Red Locusts in West Africa behave in a broadly similar way. In Madagascar breeding occurs in the extreme southwest of the island from November to March and the ensuing adults disperse northward and northeastward during the dry season from April to October. Swarms form at the end of the dry season during outbreaks; the last one occurred in 19601961.
Plagues, outbreak areas and seasonal movements
There have been three plagues documented since the middle of the nineteenth century, i.e. 1847-1854, 1891-1920 and 1930-1944. Detailed studies of the last plague suggested strongly that they start from restricted outbreak areas. The most important of these are the Mweru wa Ntipa marshes in Zambia and the Rukwa valley in Tanzania. The ideal environment for an outbreak area is either a treeless grassland with poor drainage or seasonally flooded plains and valleys.
Other likely outbreak areas are: the Malagarasi and Wembere plains in central Tanzania; the plains north of Lake Chilwa in southern Malawi; the Busi-Gorongosa plains in Mozambique; the Kafue marshes in Zambia; the Niger flood plain and the Lake Chad basin in West Africa. Swarms have formed in some of these areas but so far none has led to the formation of a widespread plague.
The last plague began after populations increased over three generations from 1927-1930 probably in the Mweru wa Ntipa and also the Rukwa valley. When swarms left these initial sites they eventually reached two areas: the first, the Shire and lower Zambesi valleys in Malawi and Zimbabwe and the second, an area to the west of Lake Victoria in northwest Tanzania and southwest Uganda (Fig. 1 10). In both these areas swarms successfully survived as immature adults until the next breeding season. Elsewhere either dry season survival or breeding success was low. Figure 1 10 shows the retention areas and the seasonal movements out of them.
The general movements of young immature swarms are westwards from April to June towards Angola and Zaire with some swarms moving northwest towards the retention area in Uganda and others northward along the coastal area of Tanzania to Kenya. By August, when swarms are beginning to mature and the dry season coming to an end, movements are more likely to be southward. Swarms move through Botswana and Zimbabwe to the Transvaal and Natal provinces of South Africa and into Swaziland. These movements continue until October-November and the beginning of the rains.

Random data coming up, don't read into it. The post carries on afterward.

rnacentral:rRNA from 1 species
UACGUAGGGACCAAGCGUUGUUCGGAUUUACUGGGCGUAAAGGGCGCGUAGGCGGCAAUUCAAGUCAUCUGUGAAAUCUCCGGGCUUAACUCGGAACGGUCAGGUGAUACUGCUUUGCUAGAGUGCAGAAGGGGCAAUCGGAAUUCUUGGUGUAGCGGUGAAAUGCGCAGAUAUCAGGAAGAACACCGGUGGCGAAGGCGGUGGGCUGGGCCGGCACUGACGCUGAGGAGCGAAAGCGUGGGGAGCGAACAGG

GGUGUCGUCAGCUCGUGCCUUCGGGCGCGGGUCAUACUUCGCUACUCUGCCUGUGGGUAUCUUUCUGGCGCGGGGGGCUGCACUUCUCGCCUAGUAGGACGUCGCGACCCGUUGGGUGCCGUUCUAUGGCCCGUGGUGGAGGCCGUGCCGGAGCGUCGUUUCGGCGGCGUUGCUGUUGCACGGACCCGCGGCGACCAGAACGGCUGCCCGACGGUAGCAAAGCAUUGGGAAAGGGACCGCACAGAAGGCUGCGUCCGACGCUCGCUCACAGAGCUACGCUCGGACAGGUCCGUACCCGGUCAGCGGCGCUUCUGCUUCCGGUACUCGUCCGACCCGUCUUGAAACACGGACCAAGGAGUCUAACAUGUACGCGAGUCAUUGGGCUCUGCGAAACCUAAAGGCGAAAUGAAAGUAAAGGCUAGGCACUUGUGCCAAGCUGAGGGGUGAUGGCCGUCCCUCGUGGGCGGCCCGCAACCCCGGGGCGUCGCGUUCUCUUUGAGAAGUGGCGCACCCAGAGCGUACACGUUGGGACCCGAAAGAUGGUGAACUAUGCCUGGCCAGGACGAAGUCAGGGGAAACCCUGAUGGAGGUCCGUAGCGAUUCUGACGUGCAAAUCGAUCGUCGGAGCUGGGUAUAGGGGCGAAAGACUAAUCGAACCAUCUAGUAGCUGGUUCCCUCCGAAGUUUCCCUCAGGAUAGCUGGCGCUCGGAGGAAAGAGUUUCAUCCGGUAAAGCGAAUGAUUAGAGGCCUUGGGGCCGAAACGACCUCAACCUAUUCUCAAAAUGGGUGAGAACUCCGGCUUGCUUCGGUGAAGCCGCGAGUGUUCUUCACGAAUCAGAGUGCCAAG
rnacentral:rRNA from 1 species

It is important to note that the movements are general shifts of population and included swarms which had bred in areas along the displacement routes. Further, although there is an apparent 'return' movement of swarms it is thought unlikely that the swarms reach those areas where they or their forbears were produced. Thus many of the swarms died without breeding or reached areas where breeding was not very successful. Similar movements the following year were dependent on new swarms from the retention areas where breeding was successful. Once the main area in Zimbabwe, Mozambique and Malawi became clear of Red Locust in 1943 the plague rapidly declined.
Figure 111 shows the frequency of breeding during the 1927-1945 plague. Although Natal is shown as a high frequency area and was regularly invaded by swarms from the north, the breeding success was very low. There was a virtual absence of any swarms leaving this area. Other movements took swarms to places where breeding was unsuccessful such as the striking northward movements along the Nile to about 20ºN and along the Somali Peninsula to the Gulf of Aden coast. Elsewhere there were occasional invasions of Gabon from northwest Angola and of Namibia from Zimbabwe.
The maximum spread of swarms occurred in 1934-1935 when 7,000,000 km² was infested. Thereafter the plague became more restricted until it declined in 1945. A total of 16 generations was estimated to have been involved.